Misery Index up, but not high

The Misery Index, the sum of the unemployment rate and CPI y/y growth, rose again in February to 11.7%.

Source: Charles Schwab, Bloomberg, Bureau of Labor Statistics, as of 2/28/2022.

 

Unemployment rate as lagging indicator

For now, the unemployment rate is not the culprit in terms of the move up in the Misery Index, but it is worth watching in the context of a possible recession. One of the most frequent questions we get when discussing recession risks is, "How could a recession be possible with the unemployment rate so low?" 

Remember, the unemployment rate is one of the most lagging of all economic indicators. As shown in the top chart below, the unemployment rate has always been near its trough each cycle heading into recessions. A rising unemployment rate doesn't cause recessions, recessions cause the unemployment rate to rise. In turn, as shown, recessions have always ended with the unemployment rate near its peak—and in many cases, it was still rising after recessions had ended.

Unemployment rate lags recessions

February’s unemployment rate dipped to 3.8% in February.

Source: Charles Schwab, Bloomberg, Bureau of Labor Statistics, as of 2/28/2022.

 

Below is a table highlighting the relationship between recessions and the unemployment rate. There has historically only been an average 0.3% increase in the unemployment rate by the first month of recessions. In fact, there have even been instances where a recession was declared as having begun, yet the unemployment rate was still at its trough, like in 1981. In sum, don't take economic turning point cues from highly lagging indicators.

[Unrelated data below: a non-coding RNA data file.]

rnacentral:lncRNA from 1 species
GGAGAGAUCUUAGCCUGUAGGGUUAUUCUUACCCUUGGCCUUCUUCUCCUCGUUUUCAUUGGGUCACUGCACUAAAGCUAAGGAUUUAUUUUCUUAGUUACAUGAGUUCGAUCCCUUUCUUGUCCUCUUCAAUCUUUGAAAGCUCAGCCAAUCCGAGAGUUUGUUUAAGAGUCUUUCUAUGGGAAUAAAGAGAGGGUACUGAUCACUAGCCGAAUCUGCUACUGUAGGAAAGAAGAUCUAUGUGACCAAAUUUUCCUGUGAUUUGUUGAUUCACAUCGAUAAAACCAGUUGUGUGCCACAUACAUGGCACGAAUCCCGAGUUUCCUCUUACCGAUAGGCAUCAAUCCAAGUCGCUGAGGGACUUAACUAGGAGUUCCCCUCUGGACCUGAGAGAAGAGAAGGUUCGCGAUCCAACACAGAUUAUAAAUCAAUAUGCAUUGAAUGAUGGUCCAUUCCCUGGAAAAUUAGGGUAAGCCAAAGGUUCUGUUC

Since 1948, the average trough unemployment rate prior to a recession was 4.3% with an average of 6 months from trough to recession start.

Source: Charles Schwab, Bloomberg, Bureau of Labor Statistics, as of 2/28/2022.

 

Slow yield curve inversion underway?

As mentioned at the start of this report, the Fed's shift to start normalizing monetary policy—and the attendant tightening of financial conditions—is generally a good reason to dust off the recession playbook. Yield curve inversions have historically been a reliable precursor to recessions. The spread between 10-year and 3-month Treasury yields remains fairly steep; however, the spread between 10-year and 2-year yields, shown below, is only about 20 basis points from being inverted. Inversions in that spread often pre-date inversions in the 10-year, 3-month curve.

Flattening yield curve

The spread between 10-year and 2-year Treasury yields has plunged to only about 20 basis points.

Source: Charles Schwab, Bloomberg, as of 3/18/2022.  Past performance is no guarantee of future results.

 

According to Capital Economics' Recession Probability Models, the 10y-3m spread implies a 5% probability, while the 10y-2y spread implies a 20% probability. Regardless of which spread you look at, there are two important caveats with regard to recession risk: